A common excuse I hear from people who say they want to start a company is that they don’t have any good ideas. I call bullshit. People have good ideas for a new business every single day of their lives. Each time you complain about something you have identified a business opportunity. Most if not all ideas are borne of problems people had with the current state of their world. Can’t find a cab in this town? Uber. Parking sucks? Luxe. Hotels too expensive? Airbnb. No cash to split the bill? Venmo. All of these ideas were inspired by seeing something that was broken and wanting to fix it. Because if you are complaining about it, then you just might be willing to pay someone to make it better. And if you’re willing to pay someone to make it better, it’s highly likely that many other people are willing to do so as well. $ x Demand= Revenue.
As an entrepreneur, one of my habits is to maintain a running list of my complaints and pain points. These may be opportunities in my personal life or my professional life. When we were planning our wedding, I had ideas for wedding registries because I was so frustrated with the lack of selection and all of the wasted money our guests were paying for packaging and shipping. When I was managing display ads on multiple networks for my previous startup, I wanted to build a unified integrated marketing dashboard because I was sick of bouncing around to dozens of dashboards. When I was planning large events for a founders group I started, I investigated a plan for a group booking service. Now that I’m a new dad, I’m constantly thinking up ideas for better baby products. Are all of these ideas viable businesses? Probably not. But you don’t need them all to be, you just need one or two that work. The goal of this exercise is to put the ideas down on paper (or Google Docs or Evernote) and do some research. Sometimes you find that someone else already beat you to it. Other times you find that no one is doing a damn thing to fix the problem: That’s your opening. That is the rabbit hole that you should start going down. Once you start on that path you will learn more about why you should or should not continue. Every great company starts with discovering the rabbit hole and going further and further down and before they realize it, they have a real viable business.
I was inspired to write this post when a friend posted on Facebook about his experience buying a new car with a service called Roadster. For decades, people have dreaded buying a new car because it means having to go to a car dealership, where trust and honesty go to die. I do have a few friends who love buying a new car, because they love the thrill of negotiating a deal. But for most, they hate it because it’s a terrible experience. COMPLAINT = OPPORTUNITY. The dealership system is corrupt and broken, but it’s not going anywhere any time soon. Their revenue model is based on trying to trick people into paying more money than they want to or need to. Roadster and other companies like Beepi and Carvana are making the process better. People are willing to pay to not have to feel like they need to take a long shower after leaving a car dealer. They give people the peace of mind that they got a fair deal and the car they wanted without having to visit multiple dealerships and haggling. That’s worth a lot of money. My current company Pared does something similar by taking away the pain and stress of recruiting and turnover in restaurant staffing. Car shoppers complain about the car buying process. Restaurateurs complain about staffing. Every complaint is a potential business opportunity.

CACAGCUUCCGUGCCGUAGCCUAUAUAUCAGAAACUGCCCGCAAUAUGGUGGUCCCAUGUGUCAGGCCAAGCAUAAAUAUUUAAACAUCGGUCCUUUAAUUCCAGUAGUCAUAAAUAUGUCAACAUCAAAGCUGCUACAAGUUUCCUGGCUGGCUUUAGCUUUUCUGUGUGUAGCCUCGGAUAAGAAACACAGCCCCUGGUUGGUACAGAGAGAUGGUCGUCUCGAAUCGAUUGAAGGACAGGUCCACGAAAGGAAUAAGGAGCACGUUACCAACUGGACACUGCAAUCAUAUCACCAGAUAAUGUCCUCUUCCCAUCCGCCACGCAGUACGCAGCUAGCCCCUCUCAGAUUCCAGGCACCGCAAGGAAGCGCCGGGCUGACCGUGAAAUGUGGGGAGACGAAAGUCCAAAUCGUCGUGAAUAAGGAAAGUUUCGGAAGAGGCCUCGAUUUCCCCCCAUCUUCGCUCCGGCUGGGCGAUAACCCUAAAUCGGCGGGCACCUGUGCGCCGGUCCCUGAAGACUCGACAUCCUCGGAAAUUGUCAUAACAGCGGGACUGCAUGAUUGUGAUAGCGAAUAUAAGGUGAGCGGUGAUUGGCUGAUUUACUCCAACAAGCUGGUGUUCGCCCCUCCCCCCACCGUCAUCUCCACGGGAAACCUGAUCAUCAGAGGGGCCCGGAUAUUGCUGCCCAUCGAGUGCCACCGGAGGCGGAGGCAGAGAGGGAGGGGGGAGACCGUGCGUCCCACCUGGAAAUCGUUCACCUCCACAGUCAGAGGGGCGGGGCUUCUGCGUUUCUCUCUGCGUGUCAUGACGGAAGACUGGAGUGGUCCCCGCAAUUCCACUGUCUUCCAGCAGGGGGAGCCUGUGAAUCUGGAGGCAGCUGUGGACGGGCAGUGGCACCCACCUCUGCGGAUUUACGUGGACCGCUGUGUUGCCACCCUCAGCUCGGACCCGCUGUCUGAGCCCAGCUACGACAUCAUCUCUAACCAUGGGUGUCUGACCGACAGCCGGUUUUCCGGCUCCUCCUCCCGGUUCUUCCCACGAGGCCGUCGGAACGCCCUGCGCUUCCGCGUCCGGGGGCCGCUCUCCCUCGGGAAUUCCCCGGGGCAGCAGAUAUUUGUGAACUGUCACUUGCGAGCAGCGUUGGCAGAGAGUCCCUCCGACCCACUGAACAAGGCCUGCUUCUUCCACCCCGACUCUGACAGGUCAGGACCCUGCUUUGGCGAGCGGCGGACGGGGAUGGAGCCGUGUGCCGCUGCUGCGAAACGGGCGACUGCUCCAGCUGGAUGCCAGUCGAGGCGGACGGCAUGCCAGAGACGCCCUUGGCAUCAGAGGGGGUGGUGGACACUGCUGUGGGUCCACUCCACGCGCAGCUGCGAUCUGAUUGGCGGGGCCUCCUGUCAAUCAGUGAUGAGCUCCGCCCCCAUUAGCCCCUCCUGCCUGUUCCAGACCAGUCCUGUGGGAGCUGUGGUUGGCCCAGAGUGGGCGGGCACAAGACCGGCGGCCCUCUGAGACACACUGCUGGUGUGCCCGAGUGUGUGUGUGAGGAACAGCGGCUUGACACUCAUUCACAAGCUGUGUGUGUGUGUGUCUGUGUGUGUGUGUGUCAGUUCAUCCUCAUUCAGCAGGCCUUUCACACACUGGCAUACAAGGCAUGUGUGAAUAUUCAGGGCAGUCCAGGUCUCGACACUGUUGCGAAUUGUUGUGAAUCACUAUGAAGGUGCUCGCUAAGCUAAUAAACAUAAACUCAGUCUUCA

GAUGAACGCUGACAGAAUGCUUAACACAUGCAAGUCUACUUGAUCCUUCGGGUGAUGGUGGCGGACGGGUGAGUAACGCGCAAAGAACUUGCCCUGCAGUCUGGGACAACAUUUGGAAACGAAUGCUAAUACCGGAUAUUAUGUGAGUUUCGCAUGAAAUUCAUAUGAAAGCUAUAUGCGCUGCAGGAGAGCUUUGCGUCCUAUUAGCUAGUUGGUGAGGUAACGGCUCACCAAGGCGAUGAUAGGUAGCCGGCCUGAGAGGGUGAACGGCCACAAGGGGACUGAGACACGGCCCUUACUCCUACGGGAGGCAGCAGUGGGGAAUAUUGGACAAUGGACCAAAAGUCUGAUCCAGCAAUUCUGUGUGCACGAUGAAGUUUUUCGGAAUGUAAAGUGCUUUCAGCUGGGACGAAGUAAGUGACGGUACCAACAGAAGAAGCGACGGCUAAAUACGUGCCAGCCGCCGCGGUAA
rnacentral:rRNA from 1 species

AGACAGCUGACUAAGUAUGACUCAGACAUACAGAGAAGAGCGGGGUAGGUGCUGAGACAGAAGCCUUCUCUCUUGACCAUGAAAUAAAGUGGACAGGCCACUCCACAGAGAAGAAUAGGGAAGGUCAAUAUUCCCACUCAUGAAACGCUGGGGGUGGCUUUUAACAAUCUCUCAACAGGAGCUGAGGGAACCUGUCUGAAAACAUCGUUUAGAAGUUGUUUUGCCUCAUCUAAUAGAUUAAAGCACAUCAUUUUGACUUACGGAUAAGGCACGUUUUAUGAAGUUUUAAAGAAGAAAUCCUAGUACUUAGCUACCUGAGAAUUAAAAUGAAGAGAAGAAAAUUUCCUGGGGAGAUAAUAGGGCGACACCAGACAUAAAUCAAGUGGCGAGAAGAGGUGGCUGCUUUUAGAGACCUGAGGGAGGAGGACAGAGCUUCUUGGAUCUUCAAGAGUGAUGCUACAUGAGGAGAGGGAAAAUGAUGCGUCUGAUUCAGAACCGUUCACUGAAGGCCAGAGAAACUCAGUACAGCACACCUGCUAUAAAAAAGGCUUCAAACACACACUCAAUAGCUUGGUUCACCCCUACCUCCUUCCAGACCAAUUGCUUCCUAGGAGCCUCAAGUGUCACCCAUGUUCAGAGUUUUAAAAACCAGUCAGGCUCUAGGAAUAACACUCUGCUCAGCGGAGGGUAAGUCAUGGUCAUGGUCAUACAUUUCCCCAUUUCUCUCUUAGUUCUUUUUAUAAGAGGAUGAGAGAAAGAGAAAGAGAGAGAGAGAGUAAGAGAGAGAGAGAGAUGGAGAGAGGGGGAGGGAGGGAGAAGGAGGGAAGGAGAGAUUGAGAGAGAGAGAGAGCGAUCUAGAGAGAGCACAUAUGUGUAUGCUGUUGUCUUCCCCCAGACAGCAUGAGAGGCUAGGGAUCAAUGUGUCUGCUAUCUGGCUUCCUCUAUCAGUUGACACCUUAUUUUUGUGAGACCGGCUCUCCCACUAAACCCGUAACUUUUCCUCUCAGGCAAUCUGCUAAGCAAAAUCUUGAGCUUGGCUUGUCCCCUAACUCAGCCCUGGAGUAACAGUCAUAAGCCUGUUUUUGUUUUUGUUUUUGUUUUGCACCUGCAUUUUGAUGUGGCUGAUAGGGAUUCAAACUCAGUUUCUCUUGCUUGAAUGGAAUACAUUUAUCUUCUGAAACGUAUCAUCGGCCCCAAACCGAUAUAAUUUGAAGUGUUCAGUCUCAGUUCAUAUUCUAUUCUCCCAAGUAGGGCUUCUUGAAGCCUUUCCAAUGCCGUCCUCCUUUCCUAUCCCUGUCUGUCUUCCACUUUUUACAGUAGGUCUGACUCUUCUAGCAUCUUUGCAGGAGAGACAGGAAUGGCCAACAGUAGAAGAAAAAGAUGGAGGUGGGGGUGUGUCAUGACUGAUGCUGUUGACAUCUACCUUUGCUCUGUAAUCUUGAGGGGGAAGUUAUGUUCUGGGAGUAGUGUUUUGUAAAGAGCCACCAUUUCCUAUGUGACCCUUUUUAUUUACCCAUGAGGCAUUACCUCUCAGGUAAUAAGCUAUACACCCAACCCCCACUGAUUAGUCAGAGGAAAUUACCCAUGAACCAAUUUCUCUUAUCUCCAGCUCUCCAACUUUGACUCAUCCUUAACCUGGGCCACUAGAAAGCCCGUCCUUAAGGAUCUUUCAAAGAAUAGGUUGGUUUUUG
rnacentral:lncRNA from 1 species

Comparable Income + Increased Happiness = No-brainer
Does your idea have to be a billion dollar idea? Not at all! Everyone always complains that the Korean food in San Francisco is terrible. I guarantee if you opened a Korean restaurant even half as good as the ones in Los Angeles here that you could make a lot of money. Another friend has gained a ton of experience in building customer service teams and organizations. I told him to go start his own consulting company because I know plenty of founders who complain about not knowing anything about customer service. He has loyal followers and he has the domain expertise that startups would be willing to pay to outsource their needs to. It doesn’t matter how big the idea is, the decision should be whether or not you’d be happier opening a Korean restaurant, a consulting company or a billion dollar business. Do you think you could make at least the same amount of money you’re making today from that business? Then what are you waiting for? Comparable Income + Increased Happiness = No-brainer.